Julian Leeks - composer

Longer Biography

Longer Biography

Julian began his musical life as a songwriter, guitarist and singer with various Cheltenham-based rock bands in the 1990s. He subsequently developed a more serious interest in music in his 20s, gaining a BMus at Cardiff University before undertaking postgraduate studies at Bristol University, under the supervision of Prof. John Pickard, where he was awarded an MA and a PhD in Musical Composition.

Julian has written in various genres, including orchestral and choral music, songs, solo pieces and music for chamber ensemble. His compositional style reflects broad musical interests extending from renaissance polyphony up to the contemporary avant-garde. Elements of world music, minimalism and the rock music of his early years also exert their occasional influence.

In recent years Julian has worked with performers such as Sara Leonard, Steven Gutman, Madeleine Mitchell and the Bristol Ensemble, and has collaborated on a Music & Art project with artist Fiona Robinson. Julian and Fiona plan to continue this collaboration and Julian is also developing a project involving a Turner Prize winning artist and the contemporary art institution Hauser & Wirth.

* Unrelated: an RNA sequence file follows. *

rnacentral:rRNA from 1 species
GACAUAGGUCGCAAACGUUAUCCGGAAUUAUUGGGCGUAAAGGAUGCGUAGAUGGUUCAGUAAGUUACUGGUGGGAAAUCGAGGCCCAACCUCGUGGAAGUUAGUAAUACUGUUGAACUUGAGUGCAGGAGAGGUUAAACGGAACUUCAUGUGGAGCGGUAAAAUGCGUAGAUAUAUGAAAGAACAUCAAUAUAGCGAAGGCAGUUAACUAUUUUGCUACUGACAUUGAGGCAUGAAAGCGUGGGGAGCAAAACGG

Other projects in the near future include a move into theatre music and a project with Kokoro, the new music ensemble of the Bournemouth Symphony Orchestra.

In 2012 Julian founded New Music in the South West (NMSW) and is currently its director. NMSW promotes classical music as a vital, living art form that exists for the benefit of everyone regardless of age or background. It aims to take contemporary music beyond the usual concert-going public, to new audiences and it plays a crucial role in supporting the development of the region’s best young musicians through talks, composition workshops and an annual composition competition.

Julian lives in a village 10 miles south of Bristol with his wife Kathryn and their three boys.

To find out more about Julian’s work with NMSW please watch the following short film: